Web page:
Wednesday, September 21, 2011

Two Paths

This year will mark a quarter of a century since my high school graduation. It is painful just having to type that. Great plans are being made by our former class president to have a blowout party at our old high school hangout. Thank goodness for Facebook to help organize the event and allow everybody to stay in touch.

FB is an amazing resource for keeping up with old classmates. I can see all the great pictures my old buddies have posted. Their wonderful vacation shots. The proud photos of their sons on their football teams. Their daughters' performing on the cheerleading squads. These pictures leave me wistful, with a twinge of regret. It is apparent that life continued for most of my old classmates while I, and all of my medical school friends, had our lives put on hold while we pursued our medical degrees. Many of my high school friends already have children enrolled in college. Some are already grandparents. I feel like they've already lived a full life of family, personal achievements, and career milestones.

In the meantime, most of my colleagues in my age group have children who are not even in middle school yet. We froze our personal lives in school and residency carbonite while we earned our right to treat other people better than we treat ourselves. Once we do start our families, we subsequently ignore them by our extreme work hours and exhaustion even on our few days off. I've missed countless soccer games, concert performances, birthday parties because of being a doctor.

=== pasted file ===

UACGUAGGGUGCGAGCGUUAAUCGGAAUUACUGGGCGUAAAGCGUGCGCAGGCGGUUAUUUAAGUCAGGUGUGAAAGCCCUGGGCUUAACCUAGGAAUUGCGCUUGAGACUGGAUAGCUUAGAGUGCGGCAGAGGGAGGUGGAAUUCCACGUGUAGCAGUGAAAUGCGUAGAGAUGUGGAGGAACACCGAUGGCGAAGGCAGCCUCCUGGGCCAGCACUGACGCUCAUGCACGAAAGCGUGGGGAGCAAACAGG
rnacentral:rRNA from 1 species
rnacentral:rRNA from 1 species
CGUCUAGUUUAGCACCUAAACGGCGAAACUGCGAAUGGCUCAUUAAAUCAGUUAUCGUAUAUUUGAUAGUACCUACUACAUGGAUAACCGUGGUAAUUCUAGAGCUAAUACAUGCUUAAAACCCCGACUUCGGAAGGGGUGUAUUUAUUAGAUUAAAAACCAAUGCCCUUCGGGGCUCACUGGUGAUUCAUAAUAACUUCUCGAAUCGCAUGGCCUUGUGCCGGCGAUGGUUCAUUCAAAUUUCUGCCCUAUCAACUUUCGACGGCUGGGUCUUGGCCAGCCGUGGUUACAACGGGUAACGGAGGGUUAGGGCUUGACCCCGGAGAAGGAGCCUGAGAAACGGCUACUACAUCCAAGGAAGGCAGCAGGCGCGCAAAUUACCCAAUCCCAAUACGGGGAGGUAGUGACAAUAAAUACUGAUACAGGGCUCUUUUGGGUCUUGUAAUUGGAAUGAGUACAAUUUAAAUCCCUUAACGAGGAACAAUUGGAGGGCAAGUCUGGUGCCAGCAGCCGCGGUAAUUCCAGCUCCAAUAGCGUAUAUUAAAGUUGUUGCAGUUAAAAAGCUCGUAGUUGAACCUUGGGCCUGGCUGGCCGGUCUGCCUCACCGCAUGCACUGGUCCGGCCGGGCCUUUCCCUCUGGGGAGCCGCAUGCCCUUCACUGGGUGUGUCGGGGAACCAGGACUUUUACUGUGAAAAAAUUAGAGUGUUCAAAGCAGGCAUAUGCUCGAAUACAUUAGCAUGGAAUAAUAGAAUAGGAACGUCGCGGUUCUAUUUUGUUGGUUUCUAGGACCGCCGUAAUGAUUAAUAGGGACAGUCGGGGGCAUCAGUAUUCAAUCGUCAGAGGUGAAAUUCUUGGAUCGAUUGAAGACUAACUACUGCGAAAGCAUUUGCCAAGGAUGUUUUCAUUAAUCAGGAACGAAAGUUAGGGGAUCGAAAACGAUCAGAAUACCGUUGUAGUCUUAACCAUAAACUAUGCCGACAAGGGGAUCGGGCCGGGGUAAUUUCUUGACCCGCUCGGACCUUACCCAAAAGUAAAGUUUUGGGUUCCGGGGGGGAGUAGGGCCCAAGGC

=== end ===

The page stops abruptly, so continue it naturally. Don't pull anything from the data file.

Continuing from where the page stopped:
Has this been worth it? Most of the time I can honestly say it is. There is no greater honor than to help somebody in dire need. This is a sacred trust that few people in society are given. But at the same time, my old friends have shown that work is not life. One can attain great personal satisfaction with wonderful friends and loving families. Sure they may not have the income I have. They may not have the nice cars I drive. Their neighborhoods may not have the same cachet as mine. In the end none of that matters. When one finally passes from this material world, nobody is going to ask if the deceased has an American Express Black Card.

This is something to ponder for anyone who is contemplating going into medicine. You'll come to regret putting your life on hold for ten years or longer pursuing a medical career while all your friends are starting families unless you understand the sacrifices that is inherent in becoming a doctor. It is still a wonderful profession. Just don't go to your 25th year high school reunion expecting anybody to be wowed by your fancy automobile. Others will have much richer life stories to share.

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